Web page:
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How Sitting and Moving Link to Cancer Risk

Research already shows that moderate daily physical activity reduces the risk of several cancers. But at the recent AICR annual research conference, one of the highlighted areas of interest was the emerging findings on how everyday activities – independent of moderate physical activity – may help reduce cancer risk.

Make time, break time

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Here's what the latest research suggests.

Growing Evidence on Physical Activity Reducing Cancer Risk: As many as 49,000 cases of breast cancer and 43,000 cases of colon cancer occurring in the United States every year are linked to a lack of physical activity, according to new estimates presented at the conference by Christine Friedenreich, PhD, Senior Research Epidemiologist at Alberta Health Services-Cancer Care in Canada and one of the leading experts in the field of physical activity and cancer.

AICR's expert report and its continuous updates concluded that regular physical activity reduces the risk of colerectum, breast, and kidney, but these new estimates point to slightly higher decreases in risk.

"In breast and colon cancers, for example, we're seeing overall risk reductions of about 25 to 30 percent associated with higher levels of physical activity…. "These numbers are powerful," she said. "The bottom line: For many of the most common cancers, it seems like something as simple as a brisk walk for 30 minutes a day can help reduce cancer risk."

Growing Evidence on Physical Activity Reducing Cancer Risk: Findings from Dr. Friedenreich's research are providing clues as to why activity may reduce cancer risk. The latest results from her Alberta Physical Activity and Breast Cancer Prevention (ALPHA) Trial involve C-reactive protein, a marker of inflammation linked to cancer risk.

In a study appearing in this month's issue of the journal Cancer Prevention Research, moderate to vigorous daily activity reduced C-reactive protein levels among post-menopausal women. Previous studies have shown that the immune cells activated by the inflammatory response, such as macrophages and neutrophils, release reactive elements like oxygen and nitrogen that can damage DNA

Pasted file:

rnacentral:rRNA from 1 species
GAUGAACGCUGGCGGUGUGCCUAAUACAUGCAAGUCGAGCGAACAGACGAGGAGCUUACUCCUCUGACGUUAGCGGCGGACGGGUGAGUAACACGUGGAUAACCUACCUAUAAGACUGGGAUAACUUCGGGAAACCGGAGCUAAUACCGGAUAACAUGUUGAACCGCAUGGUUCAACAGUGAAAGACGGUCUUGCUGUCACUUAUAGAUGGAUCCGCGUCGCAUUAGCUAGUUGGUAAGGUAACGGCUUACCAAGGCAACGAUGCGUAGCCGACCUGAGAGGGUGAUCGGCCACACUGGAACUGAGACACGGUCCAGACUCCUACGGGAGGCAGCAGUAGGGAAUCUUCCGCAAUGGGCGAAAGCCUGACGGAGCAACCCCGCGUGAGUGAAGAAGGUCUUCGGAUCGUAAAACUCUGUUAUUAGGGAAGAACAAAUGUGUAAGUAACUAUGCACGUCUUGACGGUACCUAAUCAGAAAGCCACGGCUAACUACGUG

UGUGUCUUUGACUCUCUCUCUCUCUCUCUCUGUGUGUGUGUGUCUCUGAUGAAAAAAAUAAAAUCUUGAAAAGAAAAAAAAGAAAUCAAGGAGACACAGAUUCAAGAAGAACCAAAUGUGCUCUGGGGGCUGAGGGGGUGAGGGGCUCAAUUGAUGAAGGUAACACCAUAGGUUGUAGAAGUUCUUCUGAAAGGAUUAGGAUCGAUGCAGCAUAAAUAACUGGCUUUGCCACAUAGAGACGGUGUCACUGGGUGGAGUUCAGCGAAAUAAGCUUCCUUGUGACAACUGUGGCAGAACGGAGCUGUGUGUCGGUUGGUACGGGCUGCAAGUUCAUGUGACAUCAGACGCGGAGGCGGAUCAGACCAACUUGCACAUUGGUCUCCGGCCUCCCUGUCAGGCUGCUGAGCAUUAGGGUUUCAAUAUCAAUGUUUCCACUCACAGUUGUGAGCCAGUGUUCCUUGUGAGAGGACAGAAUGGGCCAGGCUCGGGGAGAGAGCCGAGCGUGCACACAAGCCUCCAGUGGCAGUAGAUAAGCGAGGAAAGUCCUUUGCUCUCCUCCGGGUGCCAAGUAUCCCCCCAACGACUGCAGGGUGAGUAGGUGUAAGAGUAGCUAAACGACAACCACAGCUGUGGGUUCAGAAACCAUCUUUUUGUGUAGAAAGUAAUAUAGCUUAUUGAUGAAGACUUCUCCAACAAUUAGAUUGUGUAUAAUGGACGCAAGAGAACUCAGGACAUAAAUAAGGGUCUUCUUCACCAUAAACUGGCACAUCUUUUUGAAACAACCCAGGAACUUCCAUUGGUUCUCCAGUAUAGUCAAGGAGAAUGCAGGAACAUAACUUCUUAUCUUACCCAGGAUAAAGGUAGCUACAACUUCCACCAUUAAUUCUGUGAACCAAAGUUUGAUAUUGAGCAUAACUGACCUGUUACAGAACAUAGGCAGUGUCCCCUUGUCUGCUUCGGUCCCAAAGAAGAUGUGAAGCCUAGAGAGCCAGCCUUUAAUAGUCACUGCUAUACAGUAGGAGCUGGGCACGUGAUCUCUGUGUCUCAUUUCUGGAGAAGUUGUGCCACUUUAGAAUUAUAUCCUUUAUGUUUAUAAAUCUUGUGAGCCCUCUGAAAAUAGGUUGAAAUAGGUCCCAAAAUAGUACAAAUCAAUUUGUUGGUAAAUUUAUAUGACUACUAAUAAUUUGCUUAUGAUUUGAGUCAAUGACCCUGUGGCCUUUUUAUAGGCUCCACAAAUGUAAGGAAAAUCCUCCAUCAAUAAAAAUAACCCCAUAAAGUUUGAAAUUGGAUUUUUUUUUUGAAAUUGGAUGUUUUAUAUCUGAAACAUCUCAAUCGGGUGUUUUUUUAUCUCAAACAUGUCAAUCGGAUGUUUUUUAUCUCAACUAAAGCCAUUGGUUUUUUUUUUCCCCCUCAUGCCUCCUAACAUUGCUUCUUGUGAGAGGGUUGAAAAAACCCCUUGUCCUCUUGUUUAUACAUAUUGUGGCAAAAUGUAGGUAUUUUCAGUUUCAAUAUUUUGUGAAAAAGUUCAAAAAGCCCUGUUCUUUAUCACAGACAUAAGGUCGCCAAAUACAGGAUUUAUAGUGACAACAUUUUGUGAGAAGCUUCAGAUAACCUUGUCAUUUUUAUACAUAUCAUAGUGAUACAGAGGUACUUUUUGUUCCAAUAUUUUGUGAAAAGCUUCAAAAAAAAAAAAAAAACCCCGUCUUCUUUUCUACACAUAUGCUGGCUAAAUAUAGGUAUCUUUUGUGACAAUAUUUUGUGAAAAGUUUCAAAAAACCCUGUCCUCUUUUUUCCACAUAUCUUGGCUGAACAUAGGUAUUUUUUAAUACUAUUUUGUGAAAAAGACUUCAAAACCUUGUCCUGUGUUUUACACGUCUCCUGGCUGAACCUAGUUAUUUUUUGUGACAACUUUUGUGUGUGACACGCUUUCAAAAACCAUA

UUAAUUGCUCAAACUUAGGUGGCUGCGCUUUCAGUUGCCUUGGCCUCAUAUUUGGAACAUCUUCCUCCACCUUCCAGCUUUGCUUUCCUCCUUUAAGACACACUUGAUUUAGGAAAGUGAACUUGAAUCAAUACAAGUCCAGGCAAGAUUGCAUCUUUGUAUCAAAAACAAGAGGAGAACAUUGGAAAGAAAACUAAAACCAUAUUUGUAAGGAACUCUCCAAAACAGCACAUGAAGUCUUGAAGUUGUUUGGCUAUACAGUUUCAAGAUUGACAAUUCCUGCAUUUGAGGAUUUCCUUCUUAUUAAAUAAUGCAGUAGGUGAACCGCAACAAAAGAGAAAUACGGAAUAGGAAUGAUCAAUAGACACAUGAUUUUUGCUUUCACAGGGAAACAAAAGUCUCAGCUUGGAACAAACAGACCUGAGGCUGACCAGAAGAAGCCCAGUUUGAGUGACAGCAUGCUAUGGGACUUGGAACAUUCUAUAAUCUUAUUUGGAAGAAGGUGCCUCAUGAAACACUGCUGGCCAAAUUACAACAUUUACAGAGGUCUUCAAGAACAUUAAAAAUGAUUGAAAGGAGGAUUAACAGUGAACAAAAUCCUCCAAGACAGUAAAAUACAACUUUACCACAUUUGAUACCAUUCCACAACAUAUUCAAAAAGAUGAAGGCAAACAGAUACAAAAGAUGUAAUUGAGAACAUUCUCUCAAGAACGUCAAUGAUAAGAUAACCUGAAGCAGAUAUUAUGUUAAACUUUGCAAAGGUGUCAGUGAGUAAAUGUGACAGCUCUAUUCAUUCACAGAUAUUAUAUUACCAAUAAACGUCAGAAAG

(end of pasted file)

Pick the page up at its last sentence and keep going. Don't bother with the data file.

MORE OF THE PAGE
"The bottom line: For many of the most common cancers, it seems like something as simple as a brisk walk for 30 minutes a day can help reduce cancer risk."

Sitting Too Much Can Hurt Health: New findings from the emerging field of sedentary behavior research presented at the conference suggest that sitting for long periods of time can increase some of the same indicators of cancer risk related to exercise.

"Sitting time is emerging as a strong candidate for being a cancer risk factor in its own right," Neville Owen, PhD, Head of Behavioral Epidemiology at Australia's Baker IDI Heart and Diabetes Institute. "It seems highly likely that the longer you sit, the higher your risk. This phenomenon isn't dependent on body weight or how much exercise people do," said Dr. Owen.

We need your help to advance cancer research, reduce America's cancer risk, and assist cancer patients and survivors. Please Give Now.Adding Breaks Can Help: Recent evidence suggests that key indicators of cancer risk are lower when prolonged sitting is interrupted with brief (1-2 minute) breaks.

"In our studies, we've measured waist circumference, insulin resistance and inflammation indicators of cancer risk common to many physical activity-cancer studies. We found that even breaks as short as one minute can lower these biomarkers," said Dr. Owen.

Sedentary time is also likely an important factor for cancer survivors, said Dr. Owen. For survivors, diabetes and cardiovascular disease are particular concerns and overweight and obesity increases the risk for both conditions. "Television viewing time, a sign of sedentary behavior, appears to increase subsequent risk of weight gain in cancer survivors."

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